JEFFERSON CITY— Just days before Missouri’s presidential primary election registration deadline, the Christian Life Commission (CLC) of the Missouri Baptist Convention (MBC) is embarking on an aggressive campaign to ensure Missouri Baptists’ voices are heard.
“Estimates are there are 100,000 Christians in Missouri who are not registered to vote,” said CLC Chairman David Krueger, pastor, First Baptist Church, Linn. “Obviously some of those are Missouri Baptists. Our job is to encourage Missouri Baptists to be involved in the political process of choosing our leaders. The church could change the course of America if we just voted.”
Every church will be receiving a packet that explains how to host a voter registration drive. The packet includes general voter information, an election calendar, registration forms, absentee ballot information sheets and request forms, and a few notes on the law regarding churches and elections.
Though many believe the so-called wall of separation between church and state bars house of worship from any political or civic activity, this is not the case.
Many churches and pastors feel called by scripture to “equip the saints” to represent Christ in all areas of our society, including the voting booth. The law is actually very supportive of pastors and churches in fulfilling their mission to equip their saints. Even as a non-profit corporation, there is very little a church may not do.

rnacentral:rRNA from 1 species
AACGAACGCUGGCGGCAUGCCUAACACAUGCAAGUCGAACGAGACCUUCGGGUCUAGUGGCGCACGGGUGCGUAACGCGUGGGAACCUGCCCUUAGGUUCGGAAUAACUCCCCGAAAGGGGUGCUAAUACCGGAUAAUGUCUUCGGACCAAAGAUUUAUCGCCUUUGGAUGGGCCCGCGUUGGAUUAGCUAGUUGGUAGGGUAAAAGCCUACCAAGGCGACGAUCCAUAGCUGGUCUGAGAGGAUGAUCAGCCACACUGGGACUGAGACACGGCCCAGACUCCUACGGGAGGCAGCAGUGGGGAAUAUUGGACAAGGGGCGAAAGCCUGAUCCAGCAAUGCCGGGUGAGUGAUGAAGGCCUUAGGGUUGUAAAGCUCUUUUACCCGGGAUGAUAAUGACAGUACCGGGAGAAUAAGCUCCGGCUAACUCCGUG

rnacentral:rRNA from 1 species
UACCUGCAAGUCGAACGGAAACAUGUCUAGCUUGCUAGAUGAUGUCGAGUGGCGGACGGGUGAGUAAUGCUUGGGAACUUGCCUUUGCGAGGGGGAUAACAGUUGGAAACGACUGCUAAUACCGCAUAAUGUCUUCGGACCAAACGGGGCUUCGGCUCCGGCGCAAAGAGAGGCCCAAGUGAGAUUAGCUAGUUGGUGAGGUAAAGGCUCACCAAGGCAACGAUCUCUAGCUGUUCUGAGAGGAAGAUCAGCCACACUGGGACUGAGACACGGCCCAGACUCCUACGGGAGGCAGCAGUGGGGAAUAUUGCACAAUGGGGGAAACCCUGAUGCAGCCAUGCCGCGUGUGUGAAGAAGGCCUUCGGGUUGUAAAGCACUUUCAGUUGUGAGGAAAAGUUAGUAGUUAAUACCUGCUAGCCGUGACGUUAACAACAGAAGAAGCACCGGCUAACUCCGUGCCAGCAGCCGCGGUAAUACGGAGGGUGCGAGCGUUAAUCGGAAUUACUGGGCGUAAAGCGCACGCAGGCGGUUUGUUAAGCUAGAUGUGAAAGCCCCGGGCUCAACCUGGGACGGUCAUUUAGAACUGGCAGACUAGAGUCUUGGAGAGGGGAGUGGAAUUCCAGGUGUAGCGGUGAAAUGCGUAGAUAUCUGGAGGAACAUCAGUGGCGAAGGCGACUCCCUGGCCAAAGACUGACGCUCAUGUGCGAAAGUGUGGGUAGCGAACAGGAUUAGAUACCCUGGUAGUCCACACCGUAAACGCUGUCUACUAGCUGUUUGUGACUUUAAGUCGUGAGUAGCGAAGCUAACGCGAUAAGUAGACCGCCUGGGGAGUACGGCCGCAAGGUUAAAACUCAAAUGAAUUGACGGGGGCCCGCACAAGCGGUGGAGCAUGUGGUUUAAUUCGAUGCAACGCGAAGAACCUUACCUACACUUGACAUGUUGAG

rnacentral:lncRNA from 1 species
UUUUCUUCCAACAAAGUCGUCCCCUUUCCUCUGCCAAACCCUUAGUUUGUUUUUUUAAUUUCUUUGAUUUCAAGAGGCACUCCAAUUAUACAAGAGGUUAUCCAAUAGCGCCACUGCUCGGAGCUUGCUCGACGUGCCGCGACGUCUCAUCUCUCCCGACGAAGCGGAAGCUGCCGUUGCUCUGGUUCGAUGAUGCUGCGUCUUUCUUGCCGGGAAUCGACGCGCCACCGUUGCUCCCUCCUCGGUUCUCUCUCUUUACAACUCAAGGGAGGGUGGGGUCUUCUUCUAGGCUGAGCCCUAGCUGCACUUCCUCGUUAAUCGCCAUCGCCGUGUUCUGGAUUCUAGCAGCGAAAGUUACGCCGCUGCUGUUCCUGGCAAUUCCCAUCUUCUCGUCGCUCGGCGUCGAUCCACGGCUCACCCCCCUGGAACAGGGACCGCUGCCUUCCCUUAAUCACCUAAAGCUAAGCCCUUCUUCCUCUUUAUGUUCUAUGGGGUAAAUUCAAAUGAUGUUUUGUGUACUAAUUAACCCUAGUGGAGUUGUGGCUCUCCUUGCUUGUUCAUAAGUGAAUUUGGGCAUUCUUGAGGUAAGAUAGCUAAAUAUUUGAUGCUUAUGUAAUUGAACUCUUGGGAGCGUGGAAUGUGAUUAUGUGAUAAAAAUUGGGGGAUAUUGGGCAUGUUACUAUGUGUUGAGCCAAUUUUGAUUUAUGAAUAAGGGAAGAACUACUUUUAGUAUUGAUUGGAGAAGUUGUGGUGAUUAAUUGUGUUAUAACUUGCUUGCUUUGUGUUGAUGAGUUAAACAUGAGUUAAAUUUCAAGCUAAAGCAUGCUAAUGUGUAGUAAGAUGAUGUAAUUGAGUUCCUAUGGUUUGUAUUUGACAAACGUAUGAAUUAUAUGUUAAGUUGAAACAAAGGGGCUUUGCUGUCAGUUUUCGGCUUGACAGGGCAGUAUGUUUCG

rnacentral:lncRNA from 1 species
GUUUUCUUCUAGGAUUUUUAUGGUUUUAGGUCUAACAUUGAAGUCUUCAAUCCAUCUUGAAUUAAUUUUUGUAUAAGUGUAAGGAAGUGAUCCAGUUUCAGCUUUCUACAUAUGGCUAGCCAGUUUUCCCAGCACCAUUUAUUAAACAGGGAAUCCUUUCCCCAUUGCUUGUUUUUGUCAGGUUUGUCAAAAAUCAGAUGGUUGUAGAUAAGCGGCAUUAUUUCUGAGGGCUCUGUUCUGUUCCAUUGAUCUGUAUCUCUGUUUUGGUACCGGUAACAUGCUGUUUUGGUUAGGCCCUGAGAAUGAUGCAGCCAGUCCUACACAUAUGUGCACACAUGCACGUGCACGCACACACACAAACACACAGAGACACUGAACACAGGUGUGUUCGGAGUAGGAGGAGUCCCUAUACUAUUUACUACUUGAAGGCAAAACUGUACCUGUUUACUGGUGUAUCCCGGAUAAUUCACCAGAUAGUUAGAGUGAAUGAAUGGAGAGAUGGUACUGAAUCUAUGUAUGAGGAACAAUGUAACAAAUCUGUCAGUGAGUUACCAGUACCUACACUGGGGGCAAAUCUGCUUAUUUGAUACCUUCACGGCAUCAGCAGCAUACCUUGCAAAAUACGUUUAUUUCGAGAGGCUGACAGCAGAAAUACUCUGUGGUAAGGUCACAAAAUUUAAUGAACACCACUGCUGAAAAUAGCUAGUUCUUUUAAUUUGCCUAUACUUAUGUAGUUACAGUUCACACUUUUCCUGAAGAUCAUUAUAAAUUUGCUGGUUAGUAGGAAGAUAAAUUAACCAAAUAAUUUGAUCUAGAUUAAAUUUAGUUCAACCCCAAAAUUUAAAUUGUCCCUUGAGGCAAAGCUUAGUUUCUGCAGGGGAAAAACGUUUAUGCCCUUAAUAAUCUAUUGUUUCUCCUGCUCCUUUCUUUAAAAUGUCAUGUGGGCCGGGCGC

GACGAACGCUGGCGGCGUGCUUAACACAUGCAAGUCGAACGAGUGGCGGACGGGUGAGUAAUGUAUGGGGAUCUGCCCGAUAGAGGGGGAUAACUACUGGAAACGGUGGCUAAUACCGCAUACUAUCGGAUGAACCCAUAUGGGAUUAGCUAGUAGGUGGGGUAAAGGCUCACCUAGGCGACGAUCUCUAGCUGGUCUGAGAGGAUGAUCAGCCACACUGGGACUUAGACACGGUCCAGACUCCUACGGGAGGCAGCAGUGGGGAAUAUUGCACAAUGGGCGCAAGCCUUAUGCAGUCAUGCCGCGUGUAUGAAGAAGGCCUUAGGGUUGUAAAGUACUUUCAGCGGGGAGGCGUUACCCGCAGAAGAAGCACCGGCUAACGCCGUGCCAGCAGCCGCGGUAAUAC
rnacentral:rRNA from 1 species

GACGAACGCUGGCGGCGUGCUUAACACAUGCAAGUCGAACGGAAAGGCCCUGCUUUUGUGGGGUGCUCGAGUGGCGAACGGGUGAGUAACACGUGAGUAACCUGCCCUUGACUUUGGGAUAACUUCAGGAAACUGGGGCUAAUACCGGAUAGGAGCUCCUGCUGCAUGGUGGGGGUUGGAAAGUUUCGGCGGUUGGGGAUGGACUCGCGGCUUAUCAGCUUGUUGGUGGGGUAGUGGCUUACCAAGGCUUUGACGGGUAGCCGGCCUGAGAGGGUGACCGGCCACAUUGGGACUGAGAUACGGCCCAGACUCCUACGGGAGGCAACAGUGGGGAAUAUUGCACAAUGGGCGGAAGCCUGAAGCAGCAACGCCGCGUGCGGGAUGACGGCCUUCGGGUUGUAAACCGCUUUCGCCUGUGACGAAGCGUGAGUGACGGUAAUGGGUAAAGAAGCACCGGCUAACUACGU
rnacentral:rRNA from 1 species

“We need to exercise the right that we have as Americans to be part of the political process,” Krueger said.
Churches may not endorse or oppose a particular candidate or contribute to or use church resources for one candidate over another (including free use of church list). However, churches may (among other activities): register their members as voters, pass out non-partisan voter’s guides, invite all candidates in a race to speak (it is OK if only one shows up) and speak directly about specific issues and legislation (abortion, marriage, etc.).
Don Hinkle, editor of The Pathway and public policy adviser for the Missouri Baptist Convention said subscribers to the newspaper can expect free, non-partisan voter guides sometime in the summer to arrive with their copy.
Individually, a pastor can do whatever he feels led to do – endorse, support a member’s campaign, etc., as long as it’s not done with church resources. There are no limitations on the pastor individually.